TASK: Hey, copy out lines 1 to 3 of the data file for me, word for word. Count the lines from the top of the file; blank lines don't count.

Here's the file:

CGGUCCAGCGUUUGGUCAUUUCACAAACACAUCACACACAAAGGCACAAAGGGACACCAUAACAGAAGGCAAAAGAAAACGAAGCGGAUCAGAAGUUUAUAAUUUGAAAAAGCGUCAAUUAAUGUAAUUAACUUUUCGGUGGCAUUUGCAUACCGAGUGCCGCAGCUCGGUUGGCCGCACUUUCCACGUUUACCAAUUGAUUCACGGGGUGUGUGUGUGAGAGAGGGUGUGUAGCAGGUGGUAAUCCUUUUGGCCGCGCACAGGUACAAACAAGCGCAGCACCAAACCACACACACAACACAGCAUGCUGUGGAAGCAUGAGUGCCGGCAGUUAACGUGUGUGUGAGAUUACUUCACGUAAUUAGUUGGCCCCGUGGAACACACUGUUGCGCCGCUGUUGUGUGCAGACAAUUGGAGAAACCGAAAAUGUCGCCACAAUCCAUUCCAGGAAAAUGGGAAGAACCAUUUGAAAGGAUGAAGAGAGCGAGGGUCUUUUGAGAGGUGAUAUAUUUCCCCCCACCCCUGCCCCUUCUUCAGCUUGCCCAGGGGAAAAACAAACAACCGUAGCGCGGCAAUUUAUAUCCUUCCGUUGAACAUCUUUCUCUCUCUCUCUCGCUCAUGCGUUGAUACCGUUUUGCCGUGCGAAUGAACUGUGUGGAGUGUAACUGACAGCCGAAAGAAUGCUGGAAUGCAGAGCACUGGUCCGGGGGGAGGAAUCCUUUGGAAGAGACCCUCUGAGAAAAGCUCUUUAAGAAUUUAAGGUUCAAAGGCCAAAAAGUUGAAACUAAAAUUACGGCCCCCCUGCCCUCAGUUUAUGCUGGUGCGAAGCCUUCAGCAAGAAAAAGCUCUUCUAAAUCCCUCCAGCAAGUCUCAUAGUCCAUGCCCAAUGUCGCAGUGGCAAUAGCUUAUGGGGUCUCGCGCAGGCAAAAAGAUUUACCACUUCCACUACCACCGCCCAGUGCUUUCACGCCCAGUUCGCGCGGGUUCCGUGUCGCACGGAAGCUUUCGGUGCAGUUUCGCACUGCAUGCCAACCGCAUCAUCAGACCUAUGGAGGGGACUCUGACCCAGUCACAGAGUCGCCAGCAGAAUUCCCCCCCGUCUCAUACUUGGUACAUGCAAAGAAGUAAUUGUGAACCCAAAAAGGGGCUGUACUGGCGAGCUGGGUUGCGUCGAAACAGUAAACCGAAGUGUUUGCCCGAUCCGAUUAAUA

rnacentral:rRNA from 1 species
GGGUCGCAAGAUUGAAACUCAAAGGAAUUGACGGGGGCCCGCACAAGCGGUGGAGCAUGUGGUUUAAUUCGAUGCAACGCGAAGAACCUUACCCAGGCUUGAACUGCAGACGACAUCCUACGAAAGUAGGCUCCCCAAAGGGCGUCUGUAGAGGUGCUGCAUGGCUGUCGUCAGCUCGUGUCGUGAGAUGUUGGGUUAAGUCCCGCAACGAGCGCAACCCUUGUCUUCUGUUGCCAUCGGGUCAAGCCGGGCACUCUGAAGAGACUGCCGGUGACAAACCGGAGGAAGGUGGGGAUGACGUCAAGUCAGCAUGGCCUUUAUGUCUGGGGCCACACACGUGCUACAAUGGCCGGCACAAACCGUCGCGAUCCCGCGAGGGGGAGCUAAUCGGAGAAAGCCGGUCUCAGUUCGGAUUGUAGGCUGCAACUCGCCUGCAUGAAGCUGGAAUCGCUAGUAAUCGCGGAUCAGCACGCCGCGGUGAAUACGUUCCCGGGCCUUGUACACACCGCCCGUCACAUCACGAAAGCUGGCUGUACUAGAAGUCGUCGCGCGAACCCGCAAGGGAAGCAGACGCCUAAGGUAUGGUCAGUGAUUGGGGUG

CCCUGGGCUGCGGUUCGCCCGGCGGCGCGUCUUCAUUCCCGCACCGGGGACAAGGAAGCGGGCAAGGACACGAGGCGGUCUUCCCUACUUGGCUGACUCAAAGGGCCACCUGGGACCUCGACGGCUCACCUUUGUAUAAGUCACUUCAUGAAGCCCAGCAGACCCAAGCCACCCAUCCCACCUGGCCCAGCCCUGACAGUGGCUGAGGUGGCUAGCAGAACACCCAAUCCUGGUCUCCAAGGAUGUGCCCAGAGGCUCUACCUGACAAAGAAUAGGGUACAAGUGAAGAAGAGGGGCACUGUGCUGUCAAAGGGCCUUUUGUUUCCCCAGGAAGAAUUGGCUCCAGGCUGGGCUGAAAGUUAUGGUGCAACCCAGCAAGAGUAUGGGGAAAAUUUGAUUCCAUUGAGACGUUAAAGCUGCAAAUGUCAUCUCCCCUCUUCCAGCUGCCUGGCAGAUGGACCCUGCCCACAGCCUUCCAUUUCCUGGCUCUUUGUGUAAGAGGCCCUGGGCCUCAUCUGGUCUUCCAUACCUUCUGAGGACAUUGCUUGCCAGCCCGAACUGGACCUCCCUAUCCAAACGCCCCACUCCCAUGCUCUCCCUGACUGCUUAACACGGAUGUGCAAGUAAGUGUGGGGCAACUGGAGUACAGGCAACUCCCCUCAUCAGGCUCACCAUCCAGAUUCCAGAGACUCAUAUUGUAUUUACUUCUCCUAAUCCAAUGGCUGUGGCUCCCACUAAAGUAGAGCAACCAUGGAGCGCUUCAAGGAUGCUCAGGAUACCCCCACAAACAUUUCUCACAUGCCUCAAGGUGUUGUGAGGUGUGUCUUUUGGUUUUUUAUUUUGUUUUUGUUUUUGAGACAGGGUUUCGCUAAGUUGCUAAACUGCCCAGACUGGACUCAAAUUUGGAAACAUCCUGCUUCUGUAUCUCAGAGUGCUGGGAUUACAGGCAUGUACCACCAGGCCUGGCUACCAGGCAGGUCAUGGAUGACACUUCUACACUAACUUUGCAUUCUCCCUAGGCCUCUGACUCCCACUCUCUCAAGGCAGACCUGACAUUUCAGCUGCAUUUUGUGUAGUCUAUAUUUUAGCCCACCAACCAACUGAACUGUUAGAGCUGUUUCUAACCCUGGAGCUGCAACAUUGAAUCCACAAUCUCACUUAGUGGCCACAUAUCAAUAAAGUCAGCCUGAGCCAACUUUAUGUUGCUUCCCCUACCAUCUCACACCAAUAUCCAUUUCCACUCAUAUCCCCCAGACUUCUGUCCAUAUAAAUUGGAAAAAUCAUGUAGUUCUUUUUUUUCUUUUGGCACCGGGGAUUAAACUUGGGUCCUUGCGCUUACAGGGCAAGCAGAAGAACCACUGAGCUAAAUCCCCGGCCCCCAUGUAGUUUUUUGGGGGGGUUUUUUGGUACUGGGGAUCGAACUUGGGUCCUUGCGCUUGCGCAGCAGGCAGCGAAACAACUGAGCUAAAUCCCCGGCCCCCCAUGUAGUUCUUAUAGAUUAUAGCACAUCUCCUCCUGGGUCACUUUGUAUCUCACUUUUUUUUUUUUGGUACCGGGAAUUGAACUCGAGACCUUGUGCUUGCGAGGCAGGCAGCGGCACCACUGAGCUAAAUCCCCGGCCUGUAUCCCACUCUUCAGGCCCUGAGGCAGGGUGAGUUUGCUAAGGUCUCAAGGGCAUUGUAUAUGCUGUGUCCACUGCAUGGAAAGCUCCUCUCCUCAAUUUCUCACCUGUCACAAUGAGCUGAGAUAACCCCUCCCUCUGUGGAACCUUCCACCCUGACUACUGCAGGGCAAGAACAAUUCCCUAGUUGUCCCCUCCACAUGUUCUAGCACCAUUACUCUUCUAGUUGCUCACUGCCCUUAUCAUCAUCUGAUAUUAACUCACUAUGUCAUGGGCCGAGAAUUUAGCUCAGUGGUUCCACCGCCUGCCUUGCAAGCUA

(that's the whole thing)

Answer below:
CGGUCCAGCGUUUGGUCAUUUCACAAACACAUCACACACAAAGGCACAAAGGGACACCAUAACAGAAGGCAAAAGAAAACGAAGCGGAUCAGAAGUUUAUAAUUUGAAAAAGCGUCAAUUAAUGUAAUUAACUUUUCGGUGGCAUUUGCAUACCGAGUGCCGCAGCUCGGUUGGCCGCACUUUCCACGUUUACCAAUUGAUUCACGGGGUGUGUGUGUGAGAGAGGGUGUGUAGCAGGUGGUAAUCCUUUUGGCCGCGCACAGGUACAAACAAGCGCAGCACCAAACCACACACACAACACAGCAUGCUGUGGAAGCAUGAGUGCCGGCAGUUAACGUGUGUGUGAGAUUACUUCACGUAAUUAGUUGGCCCCGUGGAACACACUGUUGCGCCGCUGUUGUGUGCAGACAAUUGGAGAAACCGAAAAUGUCGCCACAAUCCAUUCCAGGAAAAUGGGAAGAACCAUUUGAAAGGAUGAAGAGAGCGAGGGUCUUUUGAGAGGUGAUAUAUUUCCCCCCACCCCUGCCCCUUCUUCAGCUUGCCCAGGGGAAAAACAAACAACCGUAGCGCGGCAAUUUAUAUCCUUCCGUUGAACAUCUUUCUCUCUCUCUCUCGCUCAUGCGUUGAUACCGUUUUGCCGUGCGAAUGAACUGUGUGGAGUGUAACUGACAGCCGAAAGAAUGCUGGAAUGCAGAGCACUGGUCCGGGGGGAGGAAUCCUUUGGAAGAGACCCUCUGAGAAAAGCUCUUUAAGAAUUUAAGGUUCAAAGGCCAAAAAGUUGAAACUAAAAUUACGGCCCCCCUGCCCUCAGUUUAUGCUGGUGCGAAGCCUUCAGCAAGAAAAAGCUCUUCUAAAUCCCUCCAGCAAGUCUCAUAGUCCAUGCCCAAUGUCGCAGUGGCAAUAGCUUAUGGGGUCUCGCGCAGGCAAAAAGAUUUACCACUUCCACUACCACCGCCCAGUGCUUUCACGCCCAGUUCGCGCGGGUUCCGUGUCGCACGGAAGCUUUCGGUGCAGUUUCGCACUGCAUGCCAACCGCAUCAUCAGACCUAUGGAGGGGACUCUGACCCAGUCACAGAGUCGCCAGCAGAAUUCCCCCCCGUCUCAUACUUGGUACAUGCAAAGAAGUAAUUGUGAACCCAAAAAGGGGCUGUACUGGCGAGCUGGGUUGCGUCGAAACAGUAAACCGAAGUGUUUGCCCGAUCCGAUUAAUA

rnacentral:rRNA from 1 species
GGGUCGCAAGAUUGAAACUCAAAGGAAUUGACGGGGGCCCGCACAAGCGGUGGAGCAUGUGGUUUAAUUCGAUGCAACGCGAAGAACCUUACCCAGGCUUGAACUGCAGACGACAUCCUACGAAAGUAGGCUCCCCAAAGGGCGUCUGUAGAGGUGCUGCAUGGCUGUCGUCAGCUCGUGUCGUGAGAUGUUGGGUUAAGUCCCGCAACGAGCGCAACCCUUGUCUUCUGUUGCCAUCGGGUCAAGCCGGGCACUCUGAAGAGACUGCCGGUGACAAACCGGAGGAAGGUGGGGAUGACGUCAAGUCAGCAUGGCCUUUAUGUCUGGGGCCACACACGUGCUACAAUGGCCGGCACAAACCGUCGCGAUCCCGCGAGGGGGAGCUAAUCGGAGAAAGCCGGUCUCAGUUCGGAUUGUAGGCUGCAACUCGCCUGCAUGAAGCUGGAAUCGCUAGUAAUCGCGGAUCAGCACGCCGCGGUGAAUACGUUCCCGGGCCUUGUACACACCGCCCGUCACAUCACGAAAGCUGGCUGUACUAGAAGUCGUCGCGCGAACCCGCAAGGGAAGCAGACGCCUAAGGUAUGGUCAGUGAUUGGGGUG